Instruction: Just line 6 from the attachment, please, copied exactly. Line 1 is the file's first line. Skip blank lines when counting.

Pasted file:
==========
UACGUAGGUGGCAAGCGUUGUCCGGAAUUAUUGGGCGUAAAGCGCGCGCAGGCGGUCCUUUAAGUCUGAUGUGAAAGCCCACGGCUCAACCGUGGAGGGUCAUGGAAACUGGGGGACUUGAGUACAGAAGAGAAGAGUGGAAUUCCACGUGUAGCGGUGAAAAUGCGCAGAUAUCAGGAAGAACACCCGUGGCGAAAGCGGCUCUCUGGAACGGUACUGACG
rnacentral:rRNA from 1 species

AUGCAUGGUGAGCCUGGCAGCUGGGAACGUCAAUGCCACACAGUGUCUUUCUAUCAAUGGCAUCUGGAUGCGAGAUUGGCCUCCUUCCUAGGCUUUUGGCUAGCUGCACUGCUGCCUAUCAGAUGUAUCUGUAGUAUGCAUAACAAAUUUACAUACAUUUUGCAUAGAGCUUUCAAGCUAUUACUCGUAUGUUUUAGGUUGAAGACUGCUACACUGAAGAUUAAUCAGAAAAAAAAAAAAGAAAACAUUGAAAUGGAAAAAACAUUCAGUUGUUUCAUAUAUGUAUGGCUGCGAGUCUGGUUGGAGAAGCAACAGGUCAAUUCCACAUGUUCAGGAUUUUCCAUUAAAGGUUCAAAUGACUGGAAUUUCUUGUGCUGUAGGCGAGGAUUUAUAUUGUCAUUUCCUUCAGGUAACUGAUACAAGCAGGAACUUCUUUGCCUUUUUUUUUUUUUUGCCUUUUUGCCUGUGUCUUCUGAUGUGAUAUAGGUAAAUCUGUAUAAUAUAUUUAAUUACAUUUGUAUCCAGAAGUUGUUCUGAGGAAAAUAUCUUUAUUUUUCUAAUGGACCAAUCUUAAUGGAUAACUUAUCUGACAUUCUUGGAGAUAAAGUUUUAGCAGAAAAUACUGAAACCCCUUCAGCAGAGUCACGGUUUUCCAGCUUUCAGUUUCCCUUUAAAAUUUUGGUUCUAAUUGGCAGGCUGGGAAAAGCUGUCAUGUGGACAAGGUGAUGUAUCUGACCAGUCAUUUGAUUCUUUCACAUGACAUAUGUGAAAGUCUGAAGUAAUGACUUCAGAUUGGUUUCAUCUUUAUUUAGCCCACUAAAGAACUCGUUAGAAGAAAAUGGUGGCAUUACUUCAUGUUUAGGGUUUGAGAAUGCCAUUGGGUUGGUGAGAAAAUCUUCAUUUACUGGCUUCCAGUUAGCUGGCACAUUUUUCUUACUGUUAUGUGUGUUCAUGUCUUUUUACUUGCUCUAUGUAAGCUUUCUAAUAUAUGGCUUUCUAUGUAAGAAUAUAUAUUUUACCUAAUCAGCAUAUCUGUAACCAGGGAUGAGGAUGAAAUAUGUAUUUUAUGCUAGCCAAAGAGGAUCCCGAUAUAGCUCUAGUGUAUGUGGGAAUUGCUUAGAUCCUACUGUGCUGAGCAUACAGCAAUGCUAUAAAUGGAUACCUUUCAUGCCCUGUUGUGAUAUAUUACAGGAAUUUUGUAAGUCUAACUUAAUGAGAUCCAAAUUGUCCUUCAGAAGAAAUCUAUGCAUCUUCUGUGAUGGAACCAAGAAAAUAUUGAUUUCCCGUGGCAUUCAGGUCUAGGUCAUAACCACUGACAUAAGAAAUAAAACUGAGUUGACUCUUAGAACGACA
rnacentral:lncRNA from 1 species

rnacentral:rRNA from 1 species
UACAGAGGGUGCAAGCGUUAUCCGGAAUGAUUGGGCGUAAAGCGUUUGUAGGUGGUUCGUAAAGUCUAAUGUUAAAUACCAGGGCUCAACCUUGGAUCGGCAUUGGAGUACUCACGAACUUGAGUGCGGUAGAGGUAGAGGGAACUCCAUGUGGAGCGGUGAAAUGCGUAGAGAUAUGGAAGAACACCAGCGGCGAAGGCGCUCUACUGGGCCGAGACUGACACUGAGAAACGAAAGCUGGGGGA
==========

UACAGAGGGUGCAAGCGUUAUCCGGAAUGAUUGGGCGUAAAGCGUUUGUAGGUGGUUCGUAAAGUCUAAUGUUAAAUACCAGGGCUCAACCUUGGAUCGGCAUUGGAGUACUCACGAACUUGAGUGCGGUAGAGGUAGAGGGAACUCCAUGUGGAGCGGUGAAAUGCGUAGAGAUAUGGAAGAACACCAGCGGCGAAGGCGCUCUACUGGGCCGAGACUGACACUGAGAAACGAAAGCUGGGGGA